Friday, August 30, 2013

The Framing Slide

I recommend beginning a presentation with a single slide with the following information:

  • What your business is, elevator pitch: “We build faster-than-light teleportation systems”
  • How far along you are: “We are building the first prototype for the scalable system”
  • Who you (and your team, if any) are, by function:  “We built the first teleport prototype at NASA”
  • What you’re asking for: “We’re raising $200M to finish the scalable prototype”

Maybe there’s other bullets that go on this slide, but these seem like the essential ones.

Why?  Put yourself in your audience’s shoes: they don’t know who you are or why you’re there.  They need a framework to put the rest of your presentation into perspective.  Who What and Why supplies this framework (basically the same advice given to news story writers; get it into the first paragraph).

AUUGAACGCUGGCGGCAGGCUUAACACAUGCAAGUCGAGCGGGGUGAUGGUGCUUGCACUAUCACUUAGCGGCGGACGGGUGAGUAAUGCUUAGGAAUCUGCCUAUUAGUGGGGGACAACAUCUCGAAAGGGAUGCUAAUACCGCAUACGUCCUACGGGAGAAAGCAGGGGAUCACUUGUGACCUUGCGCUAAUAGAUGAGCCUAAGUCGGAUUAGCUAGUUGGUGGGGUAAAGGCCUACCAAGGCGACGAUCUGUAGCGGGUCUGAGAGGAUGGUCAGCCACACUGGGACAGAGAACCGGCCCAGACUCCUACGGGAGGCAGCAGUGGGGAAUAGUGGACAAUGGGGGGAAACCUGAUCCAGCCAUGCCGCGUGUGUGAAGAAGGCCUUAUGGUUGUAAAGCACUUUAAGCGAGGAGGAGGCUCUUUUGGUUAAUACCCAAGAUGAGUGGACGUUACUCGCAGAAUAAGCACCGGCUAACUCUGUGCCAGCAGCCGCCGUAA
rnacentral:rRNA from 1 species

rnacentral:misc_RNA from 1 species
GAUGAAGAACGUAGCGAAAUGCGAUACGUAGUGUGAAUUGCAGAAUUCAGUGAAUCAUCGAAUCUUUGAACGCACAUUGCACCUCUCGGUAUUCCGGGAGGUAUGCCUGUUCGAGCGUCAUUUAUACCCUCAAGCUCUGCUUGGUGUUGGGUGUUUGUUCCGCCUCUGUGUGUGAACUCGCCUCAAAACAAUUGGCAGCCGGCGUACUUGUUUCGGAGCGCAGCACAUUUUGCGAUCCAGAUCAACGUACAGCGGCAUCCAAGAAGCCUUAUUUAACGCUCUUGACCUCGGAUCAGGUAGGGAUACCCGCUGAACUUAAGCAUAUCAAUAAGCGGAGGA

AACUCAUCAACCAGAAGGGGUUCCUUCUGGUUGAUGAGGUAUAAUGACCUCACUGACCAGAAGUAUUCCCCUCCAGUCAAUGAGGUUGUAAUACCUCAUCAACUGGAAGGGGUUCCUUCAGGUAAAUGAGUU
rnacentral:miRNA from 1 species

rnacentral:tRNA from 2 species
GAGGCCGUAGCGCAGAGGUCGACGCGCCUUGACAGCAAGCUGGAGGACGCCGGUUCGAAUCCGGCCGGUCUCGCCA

I can’t tell you how unusual it is for a presentation to have such a slide.  Of all the deals I’ve seen at Valhalla, I think maybe 5 or 6 had something like this.  The presenters who had framing slides tended to be return entrepreneurs (although it was by no means the case that every returning entrepreneur used them).

How do most presentations begin?  A slide with our name, the name of the company, and a relatively non-specific tag line.

So in this case it would be:

  • Valhalla Partners
  • Regent Teleportation
  • “Journeys Simplified”

This does nothing to help frame the presentation.  I get it that you’re talking to me, but it’s actually not really news.  If your name has to do with what you do, that’s a bit helpful, but not as helpful as saying what you do (and in today’s world, most startups have names that tell you very little about what they do; to be fair, most investor groups don’t have such names either).  And the tag line may be useful in some context, but is not helpful here.

Or the first slide will have a handsome graphic and plunge right into the market problem.

In this case, the first slide would show commuters waiting for a crowded subway train, and say

  • 100 billion commutes take longer than they should

You get the idea.

I think a framing slide stands out (since there are so few of them) and shows respect for your audience (since you show that you understand what they’re thinking at the beginning of the pitch).

What’s not to like?

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